• In some embodiments, the originator (or another recipient) of the email may deactivate the database entry, causing the “reply-all” functionality to cease. In other embodiments, the operative mail node may automatically deactivate the reply-all functionality in response to no response being received within a set time frame, in response to expiration of a set time limit, or in response to some other event or condition. In other embodiments, the operative mail node may identify a “reply-all” token in response to detecting that any recipient has replied to the message, and may prompt the recipient who generates the reply message as to whether they want to reply to the sender only, or to all original recipients. For example, the mail node may transmit a reminder reading “the sender has requested that any responses be sent to all original recipients—do you really want to just send to the sender only?”, and providing an option to transmit to the omitted original recipient only. In another embodiment, the email contains a warning indicating to the recipients that hitting “reply” will reply to the entire list of original recipients.
  • In another embodiment, where at least one recipient, or a set number of recipients, in a “cc” field are included in an outbound message, it may be assumed that the sender intended to omit the other recipients and, optionally after verifying that intent with the sender, the system may omit the additional recipients. In another embodiment, a separate “bcc” token may be utilized to identify a list of one or more “bcc” recipients from an original message, so that any replies are automatically retransmitted to the “bcc” list, allowing the original “bcc” recipients to view the conversation. Such a token may need to be added to the message before it is transmitted to the mail client 120, so that the client 120 does not receive the “bcc” recipients. In another embodiment, a single token may be used for both the bcc and cc functions. In another embodiment, the token may be placed in the subject line 116, body 118, or headers of the email, rather than as part of the “reply-to” field.
  • In another embodiment, “bcc” recipients may be included in the “cc” field one or more email addresses that utilize a token or point to a mail server capable of reading a token from mail content. Such an embodiment permits “bcc” recipients of the original email to be copied on the subsequent elements of the conversation without having their identities exposed. Optionally the “bcc” recipients may be blocked from utilizing the token system for responses (preserving their “listen but don't write” status), may be permitted to participate by the originator of the message, or may be permitted to participate generally. Where they participate, their identities may optionally continue to be hidden by using a “send from” email address that does not identify them. In another variation, there may be an indication as to the presence or number of “bcc” recipients within the system, and senders of messages may further be permitted to omit or include “bcc” recipients on their responses.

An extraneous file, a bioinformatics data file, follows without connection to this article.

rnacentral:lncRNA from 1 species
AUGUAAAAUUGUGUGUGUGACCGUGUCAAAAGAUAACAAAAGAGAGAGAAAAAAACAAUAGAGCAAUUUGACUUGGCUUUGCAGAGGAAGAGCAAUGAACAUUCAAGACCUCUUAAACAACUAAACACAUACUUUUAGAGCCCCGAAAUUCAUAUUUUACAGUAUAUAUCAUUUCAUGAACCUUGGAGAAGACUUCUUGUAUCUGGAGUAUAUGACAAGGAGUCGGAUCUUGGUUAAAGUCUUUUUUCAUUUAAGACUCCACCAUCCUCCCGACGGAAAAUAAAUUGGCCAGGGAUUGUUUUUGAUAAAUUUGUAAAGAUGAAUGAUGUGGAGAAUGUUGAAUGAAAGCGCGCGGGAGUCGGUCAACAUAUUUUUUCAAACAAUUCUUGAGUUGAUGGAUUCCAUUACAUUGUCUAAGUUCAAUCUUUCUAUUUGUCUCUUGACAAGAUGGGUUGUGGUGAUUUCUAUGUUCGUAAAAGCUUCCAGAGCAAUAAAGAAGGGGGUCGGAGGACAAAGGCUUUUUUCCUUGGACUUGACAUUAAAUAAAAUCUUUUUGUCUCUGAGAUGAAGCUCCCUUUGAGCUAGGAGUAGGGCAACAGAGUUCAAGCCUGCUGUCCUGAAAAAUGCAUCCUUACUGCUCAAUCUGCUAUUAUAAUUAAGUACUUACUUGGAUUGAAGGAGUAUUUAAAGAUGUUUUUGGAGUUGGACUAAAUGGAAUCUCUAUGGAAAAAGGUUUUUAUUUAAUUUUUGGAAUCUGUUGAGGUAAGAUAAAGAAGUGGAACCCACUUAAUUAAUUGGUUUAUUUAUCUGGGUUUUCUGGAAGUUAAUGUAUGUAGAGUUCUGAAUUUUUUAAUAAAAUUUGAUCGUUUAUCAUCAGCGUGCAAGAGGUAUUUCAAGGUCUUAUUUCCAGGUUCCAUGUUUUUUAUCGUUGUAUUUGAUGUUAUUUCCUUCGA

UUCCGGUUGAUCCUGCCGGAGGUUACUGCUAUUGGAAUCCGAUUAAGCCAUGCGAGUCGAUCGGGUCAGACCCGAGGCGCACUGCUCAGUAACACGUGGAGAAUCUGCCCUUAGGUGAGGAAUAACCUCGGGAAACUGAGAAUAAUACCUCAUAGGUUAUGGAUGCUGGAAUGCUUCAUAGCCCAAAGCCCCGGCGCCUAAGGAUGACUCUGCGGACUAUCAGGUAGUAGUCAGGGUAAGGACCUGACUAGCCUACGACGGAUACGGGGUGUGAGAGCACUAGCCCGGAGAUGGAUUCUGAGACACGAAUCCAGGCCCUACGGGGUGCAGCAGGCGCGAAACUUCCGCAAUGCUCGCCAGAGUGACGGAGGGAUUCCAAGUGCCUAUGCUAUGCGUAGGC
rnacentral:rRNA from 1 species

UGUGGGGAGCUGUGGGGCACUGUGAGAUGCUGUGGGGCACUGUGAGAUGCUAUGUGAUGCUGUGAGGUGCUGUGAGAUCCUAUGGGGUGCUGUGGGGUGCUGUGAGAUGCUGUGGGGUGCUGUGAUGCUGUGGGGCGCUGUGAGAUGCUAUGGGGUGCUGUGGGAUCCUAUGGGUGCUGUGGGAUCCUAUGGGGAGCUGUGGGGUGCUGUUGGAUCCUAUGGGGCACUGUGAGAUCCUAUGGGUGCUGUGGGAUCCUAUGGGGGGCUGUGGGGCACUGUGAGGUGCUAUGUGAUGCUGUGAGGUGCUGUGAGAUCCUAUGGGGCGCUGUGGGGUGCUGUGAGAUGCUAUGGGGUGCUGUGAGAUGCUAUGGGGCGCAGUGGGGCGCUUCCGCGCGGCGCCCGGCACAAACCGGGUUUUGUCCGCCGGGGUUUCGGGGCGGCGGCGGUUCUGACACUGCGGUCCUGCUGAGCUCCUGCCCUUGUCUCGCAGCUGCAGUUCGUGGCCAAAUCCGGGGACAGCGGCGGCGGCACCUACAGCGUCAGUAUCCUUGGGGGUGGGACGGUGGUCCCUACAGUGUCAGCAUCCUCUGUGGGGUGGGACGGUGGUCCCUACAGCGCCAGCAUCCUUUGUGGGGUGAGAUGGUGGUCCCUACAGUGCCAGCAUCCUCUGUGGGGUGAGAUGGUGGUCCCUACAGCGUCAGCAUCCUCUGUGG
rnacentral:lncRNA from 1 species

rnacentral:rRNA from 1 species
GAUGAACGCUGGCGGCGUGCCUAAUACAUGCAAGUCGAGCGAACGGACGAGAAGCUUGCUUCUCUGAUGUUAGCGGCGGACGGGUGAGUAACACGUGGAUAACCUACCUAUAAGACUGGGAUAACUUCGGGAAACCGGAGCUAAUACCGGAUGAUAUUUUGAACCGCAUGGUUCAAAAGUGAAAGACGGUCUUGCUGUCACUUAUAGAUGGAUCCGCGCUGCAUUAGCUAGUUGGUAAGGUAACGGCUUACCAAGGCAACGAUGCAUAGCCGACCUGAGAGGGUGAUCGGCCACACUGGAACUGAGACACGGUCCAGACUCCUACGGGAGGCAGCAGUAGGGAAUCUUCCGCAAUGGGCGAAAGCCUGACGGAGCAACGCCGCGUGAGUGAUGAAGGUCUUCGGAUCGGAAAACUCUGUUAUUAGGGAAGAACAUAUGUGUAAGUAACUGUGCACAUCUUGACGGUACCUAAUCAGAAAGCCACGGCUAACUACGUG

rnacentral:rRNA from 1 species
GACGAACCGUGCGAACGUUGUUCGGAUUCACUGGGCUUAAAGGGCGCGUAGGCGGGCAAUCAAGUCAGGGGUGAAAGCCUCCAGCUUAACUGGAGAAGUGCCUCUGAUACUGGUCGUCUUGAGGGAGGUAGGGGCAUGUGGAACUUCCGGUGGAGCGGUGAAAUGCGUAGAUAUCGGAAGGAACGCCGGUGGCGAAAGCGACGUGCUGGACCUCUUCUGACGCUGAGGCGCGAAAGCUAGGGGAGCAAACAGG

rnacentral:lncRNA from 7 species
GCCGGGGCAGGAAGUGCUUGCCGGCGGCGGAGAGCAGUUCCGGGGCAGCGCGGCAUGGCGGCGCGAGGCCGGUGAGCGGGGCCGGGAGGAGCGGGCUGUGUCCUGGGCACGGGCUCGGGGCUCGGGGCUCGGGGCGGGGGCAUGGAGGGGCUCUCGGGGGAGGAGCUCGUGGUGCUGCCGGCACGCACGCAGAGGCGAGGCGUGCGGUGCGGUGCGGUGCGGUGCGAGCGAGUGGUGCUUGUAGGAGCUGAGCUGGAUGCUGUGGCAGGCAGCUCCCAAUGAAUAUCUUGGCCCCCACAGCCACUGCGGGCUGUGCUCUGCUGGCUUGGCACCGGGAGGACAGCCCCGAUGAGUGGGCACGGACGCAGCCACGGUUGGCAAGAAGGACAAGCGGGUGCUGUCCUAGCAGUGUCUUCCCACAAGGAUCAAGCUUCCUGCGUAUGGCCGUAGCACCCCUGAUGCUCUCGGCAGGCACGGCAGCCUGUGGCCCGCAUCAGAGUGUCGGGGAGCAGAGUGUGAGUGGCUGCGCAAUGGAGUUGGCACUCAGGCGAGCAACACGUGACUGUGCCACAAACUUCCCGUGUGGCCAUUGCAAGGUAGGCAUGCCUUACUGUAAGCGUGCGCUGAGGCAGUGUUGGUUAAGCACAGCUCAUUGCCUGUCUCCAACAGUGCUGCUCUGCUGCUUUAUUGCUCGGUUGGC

• In another embodiment, the recipient email addresses may be altered so that all reply messages transit through the sender's server. The alteration may be performed on the client software or server side, so as to avoid forcing the sender to type complex addresses manually. For example, an email from gary@example.com to president@whitehouse.gov and joe@example.com may automatically altered so that it is addressed to president.[token].whitehouse.gov@example.com and joe.[token]@example.com, and retransmitted from example.com to whitehouse.gov. In this way, replies sent with one of the original recipients as a “bcc” may be apparent to the server and the outgoing mail server may avoid sending the original recipient multiple copies of the email.
  • A method 200 may be performed using a mail client as shown in FIG. 2. In an aspect, the method may include receiving 202 an incoming electronic message from an original source designating multiple recipient addresses. In response to receiving the incoming electronic message, the mail client may determine 204 whether the incoming message includes a group of two or more addressees in any one or combination of the recipient, carbon copy, or blind carbon copy fields. If such a group exists, the mail client may further determine 206 whether the automatic reply-all functionality as described herein is enabled for the particular message. For example, enablement or disablement of the automatic reply-all functionality may be indicated as a state variable at the mail client, or may be indicated using one or more designated bits of the incoming message. If the incoming message does not contain any group of two or more addressees, or if automatic reply-all functionality is not enabled, the procedure 200 may terminate.